The statutory schedule contract of sale carries a mandatory warranty period of 24 months after the date the purchaser takes vacant possession of the subject property against any defects, shrinkage or other faults, which becomes apparent and are due to defective workmanship or materials, and not having been constructed in accordance with the approved plans and descriptions.
Such faults should be rectified by the developer at their own cost and expense within 30 days from the date of the purchaser’s written notice. However, this clause on DLP is missing in most of the sub-sale or sale in secondary market contracts. It is a case of caveat emptor or let the buyers beware.
There is no protection for defects, shrinkage and other faults. These defects may include cracks in the walls, water leakages, watermarks, mouldy ceiling panels, clogged piping, loose floorboards or tiles, unusable fixtures (such as electric connections, light switches and water tapes) and even misaligned doors, windows and safety grills.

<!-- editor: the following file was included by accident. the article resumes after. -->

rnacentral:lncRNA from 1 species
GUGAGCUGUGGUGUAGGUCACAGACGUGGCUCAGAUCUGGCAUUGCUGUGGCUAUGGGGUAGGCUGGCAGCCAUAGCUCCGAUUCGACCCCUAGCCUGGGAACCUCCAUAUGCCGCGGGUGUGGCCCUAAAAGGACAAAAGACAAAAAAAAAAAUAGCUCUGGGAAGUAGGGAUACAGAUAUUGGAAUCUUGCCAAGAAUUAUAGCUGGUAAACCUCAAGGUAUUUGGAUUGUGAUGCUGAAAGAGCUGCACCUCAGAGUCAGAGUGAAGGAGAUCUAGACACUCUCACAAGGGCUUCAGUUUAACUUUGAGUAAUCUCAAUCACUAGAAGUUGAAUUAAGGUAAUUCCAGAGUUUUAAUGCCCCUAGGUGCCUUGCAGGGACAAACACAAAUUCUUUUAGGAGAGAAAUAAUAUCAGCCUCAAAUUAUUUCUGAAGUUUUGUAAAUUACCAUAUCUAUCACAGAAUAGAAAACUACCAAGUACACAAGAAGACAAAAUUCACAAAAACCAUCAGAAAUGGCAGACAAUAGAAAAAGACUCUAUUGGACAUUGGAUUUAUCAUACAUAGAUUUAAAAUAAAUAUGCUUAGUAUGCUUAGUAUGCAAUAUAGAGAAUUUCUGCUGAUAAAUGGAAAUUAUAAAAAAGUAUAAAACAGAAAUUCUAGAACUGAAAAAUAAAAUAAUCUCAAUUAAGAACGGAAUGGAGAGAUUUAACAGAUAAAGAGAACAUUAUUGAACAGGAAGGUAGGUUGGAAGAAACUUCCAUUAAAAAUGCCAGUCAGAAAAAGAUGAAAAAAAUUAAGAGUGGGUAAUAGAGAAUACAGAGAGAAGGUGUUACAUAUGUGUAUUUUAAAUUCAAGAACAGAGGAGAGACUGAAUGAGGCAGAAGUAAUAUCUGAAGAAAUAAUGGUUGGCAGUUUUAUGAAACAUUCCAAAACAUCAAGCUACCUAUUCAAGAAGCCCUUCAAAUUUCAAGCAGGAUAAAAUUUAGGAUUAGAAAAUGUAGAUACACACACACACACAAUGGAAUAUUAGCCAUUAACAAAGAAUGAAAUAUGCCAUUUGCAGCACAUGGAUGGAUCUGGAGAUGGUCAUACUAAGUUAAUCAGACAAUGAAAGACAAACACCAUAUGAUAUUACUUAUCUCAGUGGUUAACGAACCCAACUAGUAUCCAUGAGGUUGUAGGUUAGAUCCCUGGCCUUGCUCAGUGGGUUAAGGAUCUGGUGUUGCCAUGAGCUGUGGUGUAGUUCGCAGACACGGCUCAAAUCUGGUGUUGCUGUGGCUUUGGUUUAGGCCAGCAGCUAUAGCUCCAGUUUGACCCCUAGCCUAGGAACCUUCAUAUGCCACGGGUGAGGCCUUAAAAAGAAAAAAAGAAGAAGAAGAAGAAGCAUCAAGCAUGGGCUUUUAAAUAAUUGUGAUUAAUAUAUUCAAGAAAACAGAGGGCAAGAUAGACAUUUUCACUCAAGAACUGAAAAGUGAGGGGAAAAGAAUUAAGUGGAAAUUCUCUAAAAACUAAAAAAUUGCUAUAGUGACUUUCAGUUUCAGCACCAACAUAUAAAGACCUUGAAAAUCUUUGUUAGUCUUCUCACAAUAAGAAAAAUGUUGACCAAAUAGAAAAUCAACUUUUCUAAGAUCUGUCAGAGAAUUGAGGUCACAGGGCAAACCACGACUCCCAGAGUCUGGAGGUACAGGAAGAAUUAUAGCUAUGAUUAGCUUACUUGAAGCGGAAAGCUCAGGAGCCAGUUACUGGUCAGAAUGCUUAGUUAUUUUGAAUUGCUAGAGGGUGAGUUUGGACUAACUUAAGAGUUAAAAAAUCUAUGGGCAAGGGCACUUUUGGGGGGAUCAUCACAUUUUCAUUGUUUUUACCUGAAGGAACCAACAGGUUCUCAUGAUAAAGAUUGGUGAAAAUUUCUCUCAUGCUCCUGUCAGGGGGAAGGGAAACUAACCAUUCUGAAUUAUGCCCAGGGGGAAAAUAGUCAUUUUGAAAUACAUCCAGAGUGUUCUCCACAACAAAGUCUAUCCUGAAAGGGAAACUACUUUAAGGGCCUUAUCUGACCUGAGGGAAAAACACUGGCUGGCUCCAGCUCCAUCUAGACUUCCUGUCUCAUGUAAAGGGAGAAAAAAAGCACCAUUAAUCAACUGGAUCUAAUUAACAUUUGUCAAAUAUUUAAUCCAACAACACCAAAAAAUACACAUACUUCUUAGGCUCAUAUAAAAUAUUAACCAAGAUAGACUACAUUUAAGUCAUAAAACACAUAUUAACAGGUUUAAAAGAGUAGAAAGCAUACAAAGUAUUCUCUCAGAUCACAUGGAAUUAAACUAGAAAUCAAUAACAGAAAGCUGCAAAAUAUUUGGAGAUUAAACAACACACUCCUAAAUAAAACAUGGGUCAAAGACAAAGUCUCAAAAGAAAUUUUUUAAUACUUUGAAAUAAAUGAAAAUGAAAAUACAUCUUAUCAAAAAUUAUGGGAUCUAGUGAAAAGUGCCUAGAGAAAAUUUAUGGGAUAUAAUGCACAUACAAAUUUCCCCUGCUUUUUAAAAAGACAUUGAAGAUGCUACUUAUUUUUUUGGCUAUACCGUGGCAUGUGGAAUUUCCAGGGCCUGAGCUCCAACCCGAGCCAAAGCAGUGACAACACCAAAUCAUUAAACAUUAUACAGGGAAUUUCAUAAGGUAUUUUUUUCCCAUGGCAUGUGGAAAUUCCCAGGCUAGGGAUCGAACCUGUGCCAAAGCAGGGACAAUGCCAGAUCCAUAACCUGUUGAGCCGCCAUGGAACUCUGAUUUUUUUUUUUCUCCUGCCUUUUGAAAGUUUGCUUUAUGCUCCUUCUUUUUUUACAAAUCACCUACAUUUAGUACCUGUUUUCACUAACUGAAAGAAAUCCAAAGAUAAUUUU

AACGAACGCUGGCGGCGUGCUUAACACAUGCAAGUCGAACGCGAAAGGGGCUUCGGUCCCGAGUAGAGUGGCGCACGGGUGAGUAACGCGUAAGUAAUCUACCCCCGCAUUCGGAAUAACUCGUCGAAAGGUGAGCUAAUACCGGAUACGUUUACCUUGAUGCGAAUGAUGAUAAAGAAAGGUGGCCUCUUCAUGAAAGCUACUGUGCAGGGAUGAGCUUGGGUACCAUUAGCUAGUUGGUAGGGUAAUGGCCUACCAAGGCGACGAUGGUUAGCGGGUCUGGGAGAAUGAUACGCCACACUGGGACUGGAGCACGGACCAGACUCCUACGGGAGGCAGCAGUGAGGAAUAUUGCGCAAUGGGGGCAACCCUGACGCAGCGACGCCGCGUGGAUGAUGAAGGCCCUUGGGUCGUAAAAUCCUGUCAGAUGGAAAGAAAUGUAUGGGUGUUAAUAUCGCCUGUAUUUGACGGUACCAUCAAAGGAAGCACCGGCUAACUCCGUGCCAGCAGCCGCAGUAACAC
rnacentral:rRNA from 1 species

Generally, it is a case of what-you-see-is-what-you-get. Those contracts even have the audacity to state that the purchaser has conducted independent checks and is satisfied with the state and conditions.
House Buyers’ rights
Legal rights are created by the terms and conditions embodied in the contracts between two covenanting parties. A house buyer who purchases a new property from the housing developer will establish a contractual relationship with the developer via the sale contract. Hence, the buyers will have contractual obligations and entitlement upon the developer in the event of defects. Then, why not offer the protection for those buyers of property, post-CCC for buyers who purchase directly from the developer?
The National House Buyers Association (HBA) does not see the link with not having the effects and entitlement to DLP, even if the property is bought after the CCC has been issued. But as long as the purchase is from a licensed housing developer especially, the buyer should be entitled to DLP warranties.